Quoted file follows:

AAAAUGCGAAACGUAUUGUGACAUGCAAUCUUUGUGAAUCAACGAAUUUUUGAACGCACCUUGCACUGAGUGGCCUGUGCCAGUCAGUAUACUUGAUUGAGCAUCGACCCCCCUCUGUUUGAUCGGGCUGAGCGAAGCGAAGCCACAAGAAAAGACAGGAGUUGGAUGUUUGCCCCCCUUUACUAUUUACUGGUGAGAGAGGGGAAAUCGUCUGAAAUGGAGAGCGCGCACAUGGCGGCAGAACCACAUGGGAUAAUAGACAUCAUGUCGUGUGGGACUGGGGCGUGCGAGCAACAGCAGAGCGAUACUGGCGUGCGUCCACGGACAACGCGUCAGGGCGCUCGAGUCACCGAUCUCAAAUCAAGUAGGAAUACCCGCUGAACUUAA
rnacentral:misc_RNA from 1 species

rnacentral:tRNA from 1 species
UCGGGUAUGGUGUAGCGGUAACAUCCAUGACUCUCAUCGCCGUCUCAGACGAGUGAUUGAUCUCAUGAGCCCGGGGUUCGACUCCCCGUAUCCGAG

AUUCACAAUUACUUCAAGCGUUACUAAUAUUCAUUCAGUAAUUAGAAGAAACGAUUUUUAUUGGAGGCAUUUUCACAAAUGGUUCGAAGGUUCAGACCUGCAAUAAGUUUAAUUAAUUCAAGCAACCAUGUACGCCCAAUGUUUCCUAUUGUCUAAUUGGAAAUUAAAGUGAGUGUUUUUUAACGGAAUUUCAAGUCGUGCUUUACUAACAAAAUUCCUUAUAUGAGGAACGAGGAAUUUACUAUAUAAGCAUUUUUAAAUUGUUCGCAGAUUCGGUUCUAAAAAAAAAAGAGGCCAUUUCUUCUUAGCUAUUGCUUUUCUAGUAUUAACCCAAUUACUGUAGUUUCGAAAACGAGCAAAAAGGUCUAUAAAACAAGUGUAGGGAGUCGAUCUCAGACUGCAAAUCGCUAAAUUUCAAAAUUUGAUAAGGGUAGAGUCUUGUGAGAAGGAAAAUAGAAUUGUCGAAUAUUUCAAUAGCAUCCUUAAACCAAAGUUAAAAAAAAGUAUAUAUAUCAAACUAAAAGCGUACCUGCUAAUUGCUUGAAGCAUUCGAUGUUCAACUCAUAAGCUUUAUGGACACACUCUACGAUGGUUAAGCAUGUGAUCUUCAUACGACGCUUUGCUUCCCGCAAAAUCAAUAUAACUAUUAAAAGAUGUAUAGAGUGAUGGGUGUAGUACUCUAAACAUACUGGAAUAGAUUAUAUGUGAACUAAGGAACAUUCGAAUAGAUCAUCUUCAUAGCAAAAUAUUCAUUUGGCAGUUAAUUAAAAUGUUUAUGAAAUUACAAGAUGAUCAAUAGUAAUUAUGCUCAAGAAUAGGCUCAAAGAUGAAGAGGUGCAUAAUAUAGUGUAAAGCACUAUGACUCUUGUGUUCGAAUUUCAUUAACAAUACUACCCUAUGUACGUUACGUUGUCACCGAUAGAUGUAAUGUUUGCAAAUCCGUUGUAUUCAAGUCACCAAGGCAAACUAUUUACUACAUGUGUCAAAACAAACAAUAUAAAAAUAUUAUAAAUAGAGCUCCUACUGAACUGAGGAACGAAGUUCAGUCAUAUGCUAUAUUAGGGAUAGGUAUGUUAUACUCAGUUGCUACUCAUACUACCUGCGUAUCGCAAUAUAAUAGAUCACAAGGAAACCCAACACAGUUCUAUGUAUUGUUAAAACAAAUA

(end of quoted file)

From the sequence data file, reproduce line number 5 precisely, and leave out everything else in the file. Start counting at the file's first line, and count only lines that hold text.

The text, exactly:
AUUCACAAUUACUUCAAGCGUUACUAAUAUUCAUUCAGUAAUUAGAAGAAACGAUUUUUAUUGGAGGCAUUUUCACAAAUGGUUCGAAGGUUCAGACCUGCAAUAAGUUUAAUUAAUUCAAGCAACCAUGUACGCCCAAUGUUUCCUAUUGUCUAAUUGGAAAUUAAAGUGAGUGUUUUUUAACGGAAUUUCAAGUCGUGCUUUACUAACAAAAUUCCUUAUAUGAGGAACGAGGAAUUUACUAUAUAAGCAUUUUUAAAUUGUUCGCAGAUUCGGUUCUAAAAAAAAAAGAGGCCAUUUCUUCUUAGCUAUUGCUUUUCUAGUAUUAACCCAAUUACUGUAGUUUCGAAAACGAGCAAAAAGGUCUAUAAAACAAGUGUAGGGAGUCGAUCUCAGACUGCAAAUCGCUAAAUUUCAAAAUUUGAUAAGGGUAGAGUCUUGUGAGAAGGAAAAUAGAAUUGUCGAAUAUUUCAAUAGCAUCCUUAAACCAAAGUUAAAAAAAAGUAUAUAUAUCAAACUAAAAGCGUACCUGCUAAUUGCUUGAAGCAUUCGAUGUUCAACUCAUAAGCUUUAUGGACACACUCUACGAUGGUUAAGCAUGUGAUCUUCAUACGACGCUUUGCUUCCCGCAAAAUCAAUAUAACUAUUAAAAGAUGUAUAGAGUGAUGGGUGUAGUACUCUAAACAUACUGGAAUAGAUUAUAUGUGAACUAAGGAACAUUCGAAUAGAUCAUCUUCAUAGCAAAAUAUUCAUUUGGCAGUUAAUUAAAAUGUUUAUGAAAUUACAAGAUGAUCAAUAGUAAUUAUGCUCAAGAAUAGGCUCAAAGAUGAAGAGGUGCAUAAUAUAGUGUAAAGCACUAUGACUCUUGUGUUCGAAUUUCAUUAACAAUACUACCCUAUGUACGUUACGUUGUCACCGAUAGAUGUAAUGUUUGCAAAUCCGUUGUAUUCAAGUCACCAAGGCAAACUAUUUACUACAUGUGUCAAAACAAACAAUAUAAAAAUAUUAUAAAUAGAGCUCCUACUGAACUGAGGAACGAAGUUCAGUCAUAUGCUAUAUUAGGGAUAGGUAUGUUAUACUCAGUUGCUACUCAUACUACCUGCGUAUCGCAAUAUAAUAGAUCACAAGGAAACCCAACACAGUUCUAUGUAUUGUUAAAACAAAUA